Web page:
It’s time to modernize NAFTA
To reflect realities of this century; implement knowledge from trade agreements three countries have with other nations
On August 16th, the day that NAFTA renegotiation got underway in Washington, D.C., I had the opportunity to speak at the Council of State Governments-West’s annual North American Summit. The Summit brings people together to focus on one of the most important economic relationships in the world: the partnership among Canada, the U.S. and Mexico.
Last year, the U.S. continued to be Canada’s largest merchandise and services trade partner, while Mexico was our third-largest merchandise trade partner. Trilateral trade was valued at almost US$1 trillion, and investment has also increased substantially since NAFTA was implemented in January 1994.
Together, the countries account for more than 25% of the world’s GDP, the collective market is valued at US$21 trillion, and about 480 million consumers. Our economies and supply chains are integrated, and – since NAFTA’s implementation – jobs have been created throughout North America.
Most economists agree that, as trade brings opportunities for countries to focus on their areas of comparative advantage, employment patterns shift. While the overall effect of trade and trade agreements may be positive, job gains occur in some regions and sectors, and job losses in others. That’s one reason why sectors are sometimes provided with transitional assistance.
It is now time to modernize NAFTA to reflect the realities of this century; to implement what’s been learned from trade agreements that the three countries have with other nations, and to include provisions to address issues that didn’t exist nearly 25 years ago, like digital.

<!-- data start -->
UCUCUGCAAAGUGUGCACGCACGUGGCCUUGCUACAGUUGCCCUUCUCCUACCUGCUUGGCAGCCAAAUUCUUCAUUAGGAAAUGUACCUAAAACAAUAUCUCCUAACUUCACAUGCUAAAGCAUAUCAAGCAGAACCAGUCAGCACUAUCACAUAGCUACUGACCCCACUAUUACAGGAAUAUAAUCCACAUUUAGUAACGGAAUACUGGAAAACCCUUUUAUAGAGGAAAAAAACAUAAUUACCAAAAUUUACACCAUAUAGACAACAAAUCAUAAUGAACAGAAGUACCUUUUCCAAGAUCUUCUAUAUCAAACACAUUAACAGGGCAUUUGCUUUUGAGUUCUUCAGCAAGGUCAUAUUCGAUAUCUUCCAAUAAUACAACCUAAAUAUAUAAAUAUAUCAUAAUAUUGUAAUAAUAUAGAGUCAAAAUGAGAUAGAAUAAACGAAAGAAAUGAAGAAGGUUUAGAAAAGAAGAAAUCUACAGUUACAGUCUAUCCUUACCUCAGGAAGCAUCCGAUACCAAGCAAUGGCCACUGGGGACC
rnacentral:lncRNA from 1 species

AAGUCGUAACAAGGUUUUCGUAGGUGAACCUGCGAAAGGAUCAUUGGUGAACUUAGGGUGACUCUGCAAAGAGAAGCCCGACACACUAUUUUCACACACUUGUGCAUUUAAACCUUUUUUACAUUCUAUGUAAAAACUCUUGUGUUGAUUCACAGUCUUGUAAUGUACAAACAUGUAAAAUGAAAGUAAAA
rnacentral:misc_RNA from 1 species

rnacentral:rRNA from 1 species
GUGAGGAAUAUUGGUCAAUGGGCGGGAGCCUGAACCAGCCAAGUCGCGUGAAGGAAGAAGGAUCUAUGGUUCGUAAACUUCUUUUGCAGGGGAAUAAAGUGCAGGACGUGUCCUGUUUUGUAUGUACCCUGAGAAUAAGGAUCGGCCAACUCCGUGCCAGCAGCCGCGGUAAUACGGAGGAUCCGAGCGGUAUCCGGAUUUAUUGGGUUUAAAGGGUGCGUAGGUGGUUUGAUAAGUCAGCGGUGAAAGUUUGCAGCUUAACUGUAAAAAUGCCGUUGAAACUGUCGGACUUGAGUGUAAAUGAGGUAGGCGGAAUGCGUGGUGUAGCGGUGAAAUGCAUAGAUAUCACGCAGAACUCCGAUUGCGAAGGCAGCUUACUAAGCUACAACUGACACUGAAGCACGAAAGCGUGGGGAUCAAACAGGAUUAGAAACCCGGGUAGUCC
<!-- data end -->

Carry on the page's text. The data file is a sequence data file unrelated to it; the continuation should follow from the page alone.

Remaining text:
About six weeks ago, the U.S. released its objectives for the renegotiation: 170 recommendations under 22 headings. They are a mix of statutory negotiating priorities that the U.S. administration is required to follow, provisions that were included in the Trans-Pacific Partnership agreement from which the U.S. has withdrawn, and policy statements, among other things.
The U.S. renegotiation objectives aren’t really that surprising as they reflect informal discussions that Canadian officials have had with U.S. officials in recent months. These U.S. objectives are the starting point for the renegotiation. Tradeoffs and compromises will be made, but it’s likely that each of the NAFTA countries will have at least one “make or break” issue.
Canadian Foreign Minister, Chrystia Freeland, has outlined Canadian objectives for the renegotiation. She has highlighted the federal government’s support for our supplymanagement systems, and labour and environmental protections.
Political pressures that may exist for a conclusion by December include presidential elections in Mexico in July 2018 and U.S. mid-term elections in November 2018. To meet this deadline, negotiators may have to focus on what analysts have called “the low-hanging fruit.” Only time - in the form of additional rounds of bargaining will tell.
Canada, the U.S. and Mexico must work together in modernizing NAFTA so our three countries can continue to work together in competing against other countries and regions throughout the world. It’s time for us to make what is - in a number of respects - a decent trade agreement, even better.
Panel members attending recent North American Summit in Washington, D.C. Wayne Easter is second from right.